Persecuted Christians Have New Advocate

Church Recognizes 1st Indian Female Saint

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VATICAN CITY, OCT. 12, 2008 (Zenit.org).- As Christians in India continue to face persecution at the hands of Hindu fundamentalists, today they have a new advocate: Benedict XVI canonized the first female Indian saint.

The Pope offered Sr. Alphonsa of the Immaculate Conception as a model for the Christians of her country. He spoke of the newly recognized Indian saint today at a Mass in St. Peter’s Square. During the celebration, he canonized three others besides St. Alphonsa.

The Holy Father described the Indian religious as a woman “convinced that her cross was the very means of reaching the heavenly banquet prepared for her by the Father. By accepting the invitation to the wedding feast, and by adorning herself with the garment of God’s grace through prayer and penance, she conformed her life to Christ’s and now delights in the ‘rich fare and choice wines’ of the heavenly kingdom.”

Alphonsa (1910-1946), born Anna Muttathupadathu, was the last of five children born to a Christian family of noble origins. Left orphaned at only three months, she was raised by a maternal aunt and educated by an uncle who was a priest. But it was her maternal grandmother who helped her discover the faith and instilled a love of prayer in her already at a young age.

Her young life was marked not only by grave illnesses but also by ill-treatment from her aunt.

“Her heroic virtues of patience, fortitude and perseverance in the midst of profound suffering remind us that God always gives us the strength necessary to endure every trial,” the Pope said at the end of the Eucharistic celebration, after praying the Angelus.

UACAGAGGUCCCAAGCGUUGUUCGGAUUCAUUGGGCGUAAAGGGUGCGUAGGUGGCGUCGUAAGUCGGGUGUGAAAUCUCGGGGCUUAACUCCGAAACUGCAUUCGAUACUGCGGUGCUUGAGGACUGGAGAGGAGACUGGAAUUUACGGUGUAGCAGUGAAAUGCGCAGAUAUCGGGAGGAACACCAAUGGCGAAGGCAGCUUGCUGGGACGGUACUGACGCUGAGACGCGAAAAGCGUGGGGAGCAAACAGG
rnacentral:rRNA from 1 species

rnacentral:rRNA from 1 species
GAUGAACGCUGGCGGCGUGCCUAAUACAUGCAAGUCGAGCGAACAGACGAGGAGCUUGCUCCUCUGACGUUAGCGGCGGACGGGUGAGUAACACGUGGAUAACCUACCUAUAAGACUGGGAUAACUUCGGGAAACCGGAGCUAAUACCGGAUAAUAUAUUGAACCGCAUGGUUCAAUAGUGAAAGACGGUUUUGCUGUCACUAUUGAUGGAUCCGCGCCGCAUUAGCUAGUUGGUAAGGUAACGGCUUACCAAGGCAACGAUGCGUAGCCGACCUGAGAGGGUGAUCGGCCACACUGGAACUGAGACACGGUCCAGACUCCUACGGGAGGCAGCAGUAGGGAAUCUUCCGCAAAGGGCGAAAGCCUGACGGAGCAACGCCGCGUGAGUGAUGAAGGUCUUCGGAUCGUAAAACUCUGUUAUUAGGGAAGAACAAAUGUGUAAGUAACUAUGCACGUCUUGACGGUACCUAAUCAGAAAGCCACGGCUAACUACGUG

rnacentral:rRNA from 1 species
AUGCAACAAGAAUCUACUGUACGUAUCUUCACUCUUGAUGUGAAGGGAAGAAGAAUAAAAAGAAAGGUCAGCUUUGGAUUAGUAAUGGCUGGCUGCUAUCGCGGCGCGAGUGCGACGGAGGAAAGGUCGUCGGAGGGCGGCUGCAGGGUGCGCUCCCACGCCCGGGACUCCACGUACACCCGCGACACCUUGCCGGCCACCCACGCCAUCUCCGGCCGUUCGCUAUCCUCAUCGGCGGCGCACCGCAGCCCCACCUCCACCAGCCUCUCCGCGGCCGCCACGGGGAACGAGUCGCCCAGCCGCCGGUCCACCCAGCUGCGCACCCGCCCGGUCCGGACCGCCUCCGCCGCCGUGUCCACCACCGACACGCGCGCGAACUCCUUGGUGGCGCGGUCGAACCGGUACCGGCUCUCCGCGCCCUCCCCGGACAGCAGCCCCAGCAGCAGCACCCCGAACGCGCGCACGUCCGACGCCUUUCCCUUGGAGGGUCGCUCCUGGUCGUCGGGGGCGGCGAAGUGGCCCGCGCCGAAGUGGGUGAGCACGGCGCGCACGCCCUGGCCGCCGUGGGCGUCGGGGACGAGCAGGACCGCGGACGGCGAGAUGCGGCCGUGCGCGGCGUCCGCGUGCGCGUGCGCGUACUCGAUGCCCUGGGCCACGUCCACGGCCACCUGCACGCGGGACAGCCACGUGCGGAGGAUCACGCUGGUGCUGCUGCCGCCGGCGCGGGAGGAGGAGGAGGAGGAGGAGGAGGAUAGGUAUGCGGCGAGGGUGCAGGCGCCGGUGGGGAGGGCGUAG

“While the Christian faithful of India give thanks to God for their first daughter presented for public veneration, I would like to assure them of my prayer during this difficult time,” the Pontiff added.

According to reports from Indian bishops present at the synod on the Word of God underway in Rome, at least 80 Christians have been killed in the wave of religious persecution that the country is currently experiencing, especially in the state of Orissa.

Benedict XVI entrusted “those who seek peace and reconciliation to the providential care of almighty God.”

He also asked that the “authors of the violence renounce these acts and join with their brothers and sisters to work together in building a civilization of love.”

Spiritual direction

The Pope presented another of the four canonized today as a model of Christian life “accessible to all faithful.”

The Ecuadorian laywoman Narcisa de Jesús Martillo Morán “offers us a perfect example of a prompt and generous response to the invitation that the Lord makes to us to participate in his love,” he said.

The Holy Father noted how from a very young age, “she clearly felt in her heart the call to live a life of sanctity and surrender to God.”

“To assist with docility the action of the Holy Spirit in her soul, she always sought the counsel and guidance of good and expert priests, considering spiritual direction as one of the most effective means to reach sanctity,” he said. “St. Narcisa de Jesús shows us a path to Christian perfection accessible to all faithful.”

“Dear brothers and sisters,” the Bishop of Rome concluded, “let us thank the Lord for the gift of sanctity that today shines in the Church with singular beauty. Jesus invites us all to follow him, like these saints, on the way of the cross, to inherit the eternal life that he, dying, made a gift to us. May their examples encourage us, their teachings orient and comfort us, their intercession sustain us in our daily toil, so that we too may one day share with them and all the saints the joy of the eternal feast in the heavenly Jerusalem.”

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